Avoiding that sinking feeling

We want all boaters and their boats to stay safe, so here are some of the common causes of sinking boats on our canals and rivers, together with a few pointers about how to prevent it happening to you.

Two boats in Deep Lock in Bath Deep Lock, Bath

Cause and effect

One of the most common causes of sinking boats on the inland waterways is a problem with the weed hatch. Most often when it hasn't been secured properly to prevent ingress of water into the engine bay. When water comes through your weed hatch your boat can sink remarkably quickly.

Another really common cause of sinking is getting 'hung up' in a lock, either by 'cilling' the boat (the stern resting on the cill and tipping the boat) or getting something trapped in the gate, such as the rudder. 

A less common cause of hang-ups has been navigating locks with fenders dangling down the side, or forward and aft fenders either being in poor condition or not suitable for the purpose.

More sinking hazards

Other hazards which could lead to sinking include navigating in flood conditions (red boards), which is never recommended, and ignoring danger signs, especially 'Don’t moor here' danger signs, which are usually placed in front of underwater obstructions, ledges and sluice intakes.

In a collision, either with another boat or waterway infrastructure, plastic and wooden craft are more prone to sinking, but some metal boats may have very thin hulls too. 

Prevention is better than cure

Constant vigilance and making sure your crew is properly briefed, using our Boater's Handbook, is key to preventing your boat from sinking. Most importantly:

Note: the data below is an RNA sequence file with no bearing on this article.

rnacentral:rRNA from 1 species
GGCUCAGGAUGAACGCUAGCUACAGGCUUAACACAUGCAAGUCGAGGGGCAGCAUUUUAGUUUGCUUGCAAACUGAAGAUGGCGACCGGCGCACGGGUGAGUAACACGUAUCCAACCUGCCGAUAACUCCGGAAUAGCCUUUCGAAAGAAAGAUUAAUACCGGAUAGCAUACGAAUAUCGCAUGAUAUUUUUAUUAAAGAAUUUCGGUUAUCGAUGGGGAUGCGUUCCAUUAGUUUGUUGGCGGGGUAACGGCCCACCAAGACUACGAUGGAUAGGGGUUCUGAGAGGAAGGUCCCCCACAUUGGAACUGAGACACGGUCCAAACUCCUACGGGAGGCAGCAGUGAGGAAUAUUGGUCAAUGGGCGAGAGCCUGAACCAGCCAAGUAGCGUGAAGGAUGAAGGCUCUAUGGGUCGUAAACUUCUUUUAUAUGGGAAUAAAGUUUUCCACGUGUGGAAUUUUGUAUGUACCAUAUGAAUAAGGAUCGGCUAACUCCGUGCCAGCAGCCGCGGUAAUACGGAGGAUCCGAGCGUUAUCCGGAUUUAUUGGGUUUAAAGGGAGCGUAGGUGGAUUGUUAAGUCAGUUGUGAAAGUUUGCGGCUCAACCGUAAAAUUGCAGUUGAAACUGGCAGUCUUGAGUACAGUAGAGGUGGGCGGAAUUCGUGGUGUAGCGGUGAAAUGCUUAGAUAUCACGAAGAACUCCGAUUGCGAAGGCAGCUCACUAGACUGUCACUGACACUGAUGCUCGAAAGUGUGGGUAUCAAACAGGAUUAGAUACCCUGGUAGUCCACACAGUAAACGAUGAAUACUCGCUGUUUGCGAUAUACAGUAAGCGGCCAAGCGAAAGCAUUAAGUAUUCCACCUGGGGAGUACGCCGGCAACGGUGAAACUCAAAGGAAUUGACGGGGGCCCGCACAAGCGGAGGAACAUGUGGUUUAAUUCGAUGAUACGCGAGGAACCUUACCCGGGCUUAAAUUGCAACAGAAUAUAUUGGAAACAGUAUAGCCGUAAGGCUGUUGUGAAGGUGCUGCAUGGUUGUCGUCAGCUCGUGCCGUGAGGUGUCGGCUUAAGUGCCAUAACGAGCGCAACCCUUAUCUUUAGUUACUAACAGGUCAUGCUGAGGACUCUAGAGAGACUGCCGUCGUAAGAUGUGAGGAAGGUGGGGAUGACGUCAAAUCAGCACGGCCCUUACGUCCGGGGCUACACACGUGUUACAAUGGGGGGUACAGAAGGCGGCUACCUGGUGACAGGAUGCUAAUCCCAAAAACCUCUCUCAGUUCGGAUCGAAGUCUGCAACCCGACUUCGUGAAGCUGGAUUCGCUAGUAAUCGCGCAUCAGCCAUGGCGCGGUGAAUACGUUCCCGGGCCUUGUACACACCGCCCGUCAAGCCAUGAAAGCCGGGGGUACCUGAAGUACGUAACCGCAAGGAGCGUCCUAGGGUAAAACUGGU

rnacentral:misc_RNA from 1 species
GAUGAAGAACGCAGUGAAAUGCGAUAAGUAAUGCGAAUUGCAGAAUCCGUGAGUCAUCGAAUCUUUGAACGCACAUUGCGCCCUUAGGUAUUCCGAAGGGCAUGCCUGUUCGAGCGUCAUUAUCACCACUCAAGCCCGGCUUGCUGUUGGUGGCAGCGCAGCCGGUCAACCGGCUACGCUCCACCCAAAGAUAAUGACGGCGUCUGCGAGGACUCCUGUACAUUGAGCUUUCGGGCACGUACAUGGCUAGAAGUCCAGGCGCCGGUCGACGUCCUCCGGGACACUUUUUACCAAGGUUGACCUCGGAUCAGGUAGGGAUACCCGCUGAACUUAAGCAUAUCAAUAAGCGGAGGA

• Check the weed hatch is properly closed every time you go boating and every time you clear the propeller.
  • Keep your boat well away from the cill when working through a lock and keep an eye out for fenders or anything else getting wedged as you ascend and descend. Make sure your crew are ready to jump into action, closing paddles quickly if things start to go wrong.
  • Don’t navigate in dangerous conditions or at high speeds, as both are likely to end in a collision with either another boat or a structure such as a bridge.
  • Never ignore warning signs about weirs and underwater obstructions.

Lock Cill Safety Sign

What happens if my boat sinks?

Should your boat unfortunately sink, it’s your responsibility to salvage it, not ours. Your first priority should be making sure everyone in your crew is safe. The second thing to do is to contact your insurance company and then to contact us.

Our local teams will go out to the boat’s location to ensure that any pollution is contained and that the boat is secured in a way that isn’t causing a hazard to navigation.

Your insurance company will arrange with a specialist recovery company to salvage your boat, if that is included in your insurance. If it’s not included, or for any reason you have invalidated your policy (such as renting your boat out without the correct type of licence), we have two pre-approved contractors who can salvage your craft, but you will need to arrange that directly with them and pay for the recovery yourself. If you’re not going to use one of our pre-approved contractors to salvage your boat, the company undertaking the work will need our authorisation first before starting work to rescue your boat.

Check your insurance policy carefully

It’s always worth paying for the most comprehensive insurance cover you can afford, as salvage costs can be very expensive. Always read the small print of your policy carefully, and be aware that if you choose a 'Third Party, Fire and Theft' policy, it is normally just that and won’t cover salvage if your boat sinks.

Stay safe, be careful out there and hopefully a sinking will be something that never happens to you.

Last date edited: 28 January 2021

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The boating team blog

Our boating team bring you news of their work across our network, as well as the stories of boaters they meet

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